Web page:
71
      Sunday
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      Monday
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      Tuesday
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      Missouri Attorney General supports 'Right to Farm' Amendment

      Missouri Attorney General Chris Koster spent Thursday touring local farms and urging voters to cast their ballots in favor of Amendment One. Amendment One is the 'Right to Farm'. Koster as well as State Representative Nate Walker and Senator Brian Munzlinger visited Jackson Farms in La Plata. Local farmers had the opportunity to meet and speak with Attorney General Chris Koster about why the passage of Amendment One is so important. If approved, the measure would help protect the number one industry in the Show-Me-State as well as farm families.

      "We need to make sure that this industry always remains as competitive as it can be on the international markets and we can't really afford unreasonable turbulence around the state's number one industry," Koster said.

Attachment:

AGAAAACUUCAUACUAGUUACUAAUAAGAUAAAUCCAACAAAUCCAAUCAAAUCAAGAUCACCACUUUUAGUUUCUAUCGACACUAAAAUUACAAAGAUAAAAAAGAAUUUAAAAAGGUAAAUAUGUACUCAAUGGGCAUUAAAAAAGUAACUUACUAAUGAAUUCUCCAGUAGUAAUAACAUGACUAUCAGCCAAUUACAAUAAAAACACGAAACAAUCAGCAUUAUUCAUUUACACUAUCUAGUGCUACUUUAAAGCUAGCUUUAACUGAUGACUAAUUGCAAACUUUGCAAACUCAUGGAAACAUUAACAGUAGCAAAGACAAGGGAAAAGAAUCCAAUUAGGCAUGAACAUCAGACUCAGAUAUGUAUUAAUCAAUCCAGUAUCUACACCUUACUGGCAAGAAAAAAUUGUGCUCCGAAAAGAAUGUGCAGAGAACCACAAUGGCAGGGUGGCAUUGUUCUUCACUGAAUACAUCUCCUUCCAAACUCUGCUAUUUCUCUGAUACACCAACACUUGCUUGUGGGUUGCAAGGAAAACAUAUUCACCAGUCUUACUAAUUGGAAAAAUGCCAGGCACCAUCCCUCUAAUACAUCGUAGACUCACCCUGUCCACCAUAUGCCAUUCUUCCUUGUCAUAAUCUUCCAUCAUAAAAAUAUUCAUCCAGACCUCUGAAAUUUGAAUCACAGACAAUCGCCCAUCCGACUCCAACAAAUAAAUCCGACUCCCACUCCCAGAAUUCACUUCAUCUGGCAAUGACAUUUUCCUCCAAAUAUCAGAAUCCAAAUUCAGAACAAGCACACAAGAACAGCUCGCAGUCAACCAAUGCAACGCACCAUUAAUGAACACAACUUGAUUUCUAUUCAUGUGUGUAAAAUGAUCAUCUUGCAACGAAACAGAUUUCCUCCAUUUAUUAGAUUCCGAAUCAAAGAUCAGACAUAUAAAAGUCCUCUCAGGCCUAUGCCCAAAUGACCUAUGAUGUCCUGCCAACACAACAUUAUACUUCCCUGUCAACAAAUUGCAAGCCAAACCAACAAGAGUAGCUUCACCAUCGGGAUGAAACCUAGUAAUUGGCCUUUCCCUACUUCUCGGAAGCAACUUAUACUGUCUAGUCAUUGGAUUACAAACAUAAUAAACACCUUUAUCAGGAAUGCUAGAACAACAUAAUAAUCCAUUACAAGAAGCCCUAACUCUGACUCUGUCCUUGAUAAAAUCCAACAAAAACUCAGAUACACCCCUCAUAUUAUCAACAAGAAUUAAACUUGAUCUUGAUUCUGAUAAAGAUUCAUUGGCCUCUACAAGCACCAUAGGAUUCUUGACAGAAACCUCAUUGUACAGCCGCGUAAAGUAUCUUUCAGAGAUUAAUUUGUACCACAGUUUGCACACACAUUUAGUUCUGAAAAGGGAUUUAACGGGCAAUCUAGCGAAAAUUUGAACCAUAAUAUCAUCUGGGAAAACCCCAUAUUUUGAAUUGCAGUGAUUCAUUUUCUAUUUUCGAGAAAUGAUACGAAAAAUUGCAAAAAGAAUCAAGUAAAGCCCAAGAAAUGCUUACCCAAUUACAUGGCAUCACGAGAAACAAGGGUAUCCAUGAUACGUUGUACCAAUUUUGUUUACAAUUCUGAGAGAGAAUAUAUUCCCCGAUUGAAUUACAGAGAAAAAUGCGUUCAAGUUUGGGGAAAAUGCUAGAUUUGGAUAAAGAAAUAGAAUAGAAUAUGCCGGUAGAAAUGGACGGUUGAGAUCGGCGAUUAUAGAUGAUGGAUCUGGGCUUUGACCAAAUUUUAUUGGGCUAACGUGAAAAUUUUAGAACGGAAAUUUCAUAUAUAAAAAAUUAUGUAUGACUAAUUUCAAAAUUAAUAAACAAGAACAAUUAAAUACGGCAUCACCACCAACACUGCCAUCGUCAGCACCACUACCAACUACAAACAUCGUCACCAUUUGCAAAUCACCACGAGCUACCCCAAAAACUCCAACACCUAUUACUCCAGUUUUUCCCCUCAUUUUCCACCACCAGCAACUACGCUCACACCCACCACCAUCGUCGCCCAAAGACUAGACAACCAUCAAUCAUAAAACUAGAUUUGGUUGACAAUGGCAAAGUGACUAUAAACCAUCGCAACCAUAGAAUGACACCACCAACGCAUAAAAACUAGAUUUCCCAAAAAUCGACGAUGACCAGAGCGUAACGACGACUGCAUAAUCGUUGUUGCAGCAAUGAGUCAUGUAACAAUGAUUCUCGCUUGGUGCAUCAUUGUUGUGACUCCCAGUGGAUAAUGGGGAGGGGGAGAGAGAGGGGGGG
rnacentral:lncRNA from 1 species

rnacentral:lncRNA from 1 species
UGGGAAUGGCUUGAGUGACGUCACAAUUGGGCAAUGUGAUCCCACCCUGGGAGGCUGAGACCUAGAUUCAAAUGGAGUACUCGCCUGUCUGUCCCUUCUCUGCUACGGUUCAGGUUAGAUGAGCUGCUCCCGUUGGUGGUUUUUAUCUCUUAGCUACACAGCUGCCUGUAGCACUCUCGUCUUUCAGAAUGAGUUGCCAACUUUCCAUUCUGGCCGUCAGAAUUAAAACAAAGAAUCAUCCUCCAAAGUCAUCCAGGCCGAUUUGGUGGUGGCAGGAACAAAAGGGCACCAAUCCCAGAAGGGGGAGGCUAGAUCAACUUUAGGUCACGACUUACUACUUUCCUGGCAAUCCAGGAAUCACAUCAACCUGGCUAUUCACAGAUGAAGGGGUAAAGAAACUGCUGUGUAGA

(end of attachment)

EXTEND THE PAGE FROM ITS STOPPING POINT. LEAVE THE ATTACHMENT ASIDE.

Senator Munzlinger and State Representative Nate Walker also took the time to speak to those local farmers.

      "This is what I'd call a red, white and blue issue. It's not a Republican issue, it's not a Democratic issue, it's a Missouri issue for agriculture. It's an American issue for agriculture. If we are going to feed the world, we have to do everything we can to protect agriculture," Walker said.

      If the measure passes in the August election, the right of farmers and ranchers to engage in farming and ranching practices shall be forever guaranteed in the Show-Me-State.

      "We have seen over the last ten years several instances where outside groups have either threatened to pass or actually passed regulations that can create huge challenges across broad cross-sections of the agriculture production community," added Koster.

      Amendment One would let those farm families choose what they want to grow as well as decide on what livestock they want to raise.

      "Every farm is different. And that's why it's so important that the individual has the ability to make his own decisions about his operation to continue to produce quality and quantity of food so that the consumer will have a wide selection of what they want," said local farmer Bob Jackson.

      Voters will decide on August 5 whether they support the 'Right to Farm' Amendment.